Next up is bacon layer number two. Take the remaining bacon slices and fry them up the same way you would for breakfast (or lunch, or dinner, or a midnight snack). If you like soft bacon, make it soft. If you like crunchy bacon, make it crunchy. If you like your bacon burnt to hell so the smoke detectors go off, then burn it to hell so the smoke detectors go off. These pieces are going to be a major part of the inner flavor of our sausage fatty, so cook them your favorite way. Personally, I like my bacon right at the point when it starts to get crispy, but hasn’t quite lost all of the softness yet. Regardless of how well done you like yours, you’ll need to crumble or chop the cooked strips into bite size pieces and place on top of the sausage layer. (Note-It’s okay, and encouraged, to snack on these pieces while your chopping/crumbling. But keep in mind that once those bacon morsels touch the raw sausage, you’ll need to resist all temptations to nibble. This can and will be difficult, but hospital trips are no fun, so stay strong.)

Since this is a barbeque recipe, we need to add another layer of barbeque flavor. Take your favorite sauce and drizzle it all over the top of the bacon pieces. Personally, I prefer to use Burnt Finger BBQ’s homemade competition sauce, but if you’re torn on what brand to use I recommend Cowtown,Blues Hog, and Fiorella’s Jack Stack. Once you’ve sauced the bacon, sprinkle on some more of the barbeque seasoning you used on the bacon weave.

Now comes the fun part. Very carefully separate the front edge of the sausage layer from the bacon weave and begin rolling backwards. You want to include all layers EXCEPT the bacon weave in your roll. Try and keep the sausage as tight as possible and be sure to release any air pockets that may have formed. Once the sausage is fully rolled up, pinch together the seams and ends to seal all of the bacon goodness inside.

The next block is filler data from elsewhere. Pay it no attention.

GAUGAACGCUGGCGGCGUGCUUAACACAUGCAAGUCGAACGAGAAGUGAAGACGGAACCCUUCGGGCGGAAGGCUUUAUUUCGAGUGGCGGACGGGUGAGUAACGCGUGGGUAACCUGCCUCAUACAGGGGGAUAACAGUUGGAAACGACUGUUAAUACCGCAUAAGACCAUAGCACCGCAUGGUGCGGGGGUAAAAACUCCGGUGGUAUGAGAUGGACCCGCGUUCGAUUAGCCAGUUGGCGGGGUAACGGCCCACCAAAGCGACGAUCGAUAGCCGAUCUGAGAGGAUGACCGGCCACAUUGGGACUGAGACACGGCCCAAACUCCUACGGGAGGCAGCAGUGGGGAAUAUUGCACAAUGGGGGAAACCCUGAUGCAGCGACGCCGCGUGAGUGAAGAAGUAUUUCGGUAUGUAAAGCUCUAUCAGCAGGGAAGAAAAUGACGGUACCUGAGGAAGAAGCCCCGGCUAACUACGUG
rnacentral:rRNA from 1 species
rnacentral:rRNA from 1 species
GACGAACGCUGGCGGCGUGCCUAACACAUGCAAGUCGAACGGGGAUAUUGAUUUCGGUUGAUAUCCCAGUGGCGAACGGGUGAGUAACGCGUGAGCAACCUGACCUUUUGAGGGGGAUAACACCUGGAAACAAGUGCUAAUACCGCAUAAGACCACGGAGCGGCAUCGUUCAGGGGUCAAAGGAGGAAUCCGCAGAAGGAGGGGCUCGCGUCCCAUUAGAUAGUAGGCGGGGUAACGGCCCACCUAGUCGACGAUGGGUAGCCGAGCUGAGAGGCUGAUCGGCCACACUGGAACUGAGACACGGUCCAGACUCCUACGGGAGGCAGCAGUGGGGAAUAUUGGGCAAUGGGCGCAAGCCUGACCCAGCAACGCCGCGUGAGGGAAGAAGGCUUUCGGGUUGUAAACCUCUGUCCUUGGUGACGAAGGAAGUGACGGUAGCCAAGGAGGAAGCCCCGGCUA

At this point we can start to see the final shape of our Bacon Explosion, but we’re missing one key item. To complte the constuction process, roll the sausage forward completely wrapping it in the bacon weave. Make sure it sits with the seam facing downward to help keep it all sealed up.

Sprinkle some barbeque seasoning on the outside of the bacon weave, and now this bad boy is ready for the smoker. Cook your Bacon Explosion at 225 degrees in a constant cloud of hickory smoke until your Thermapen gives an internal temperature reading of 165 degrees. Normally this will take about 1 hour for each inch of thickness, but that could vary depending on how well you maintain your fire and also how many times you open the smoker to take a peek. Mine took about 2.5 hours, which was right on target with its 2.5 inch diameter.

Now that our Bacon Explosion is fully cooked, we need to add some finishing flavors. Remember that barbecue sauce we used for inner flavor? We’ll be using that same sauce to glaze the cooked bacon weave. Using a basting brush, coat the entire surface with a thin layer of sauce. Sweet sauces are loaded with sugars, so they’ll give your fatty a nice glossy finish. Spicy and vinegar based sauces don’t contain as much, so they won’t set up as well. If you’re dead set on using those sauces, just cut them with a bit of honey and you’ll get the same effect.

Slice the Bacon Explosion into quarter to half inch rounds to serve. If your roll was good and tight, you should now see a nice bacon pinwheel pattern throughout the sausage. Obviously pork is best served by itself, but if you feel the need to make this meat monster into a sandwich, try placing a couple Bacon Explosion slices on a warm Pillsbury’s Grands Biscuit. You’ll reach pork Nirvana in no time flat!

Stolen from

And the quote of the day is "An autobiography is the story of how a man thinks he lived." (Also stolen)


  1. Um... honey... I'm really looking forward to this heart attack meal you will be providing for the family.

  2. i think it's quite funny that you follow your own blog.........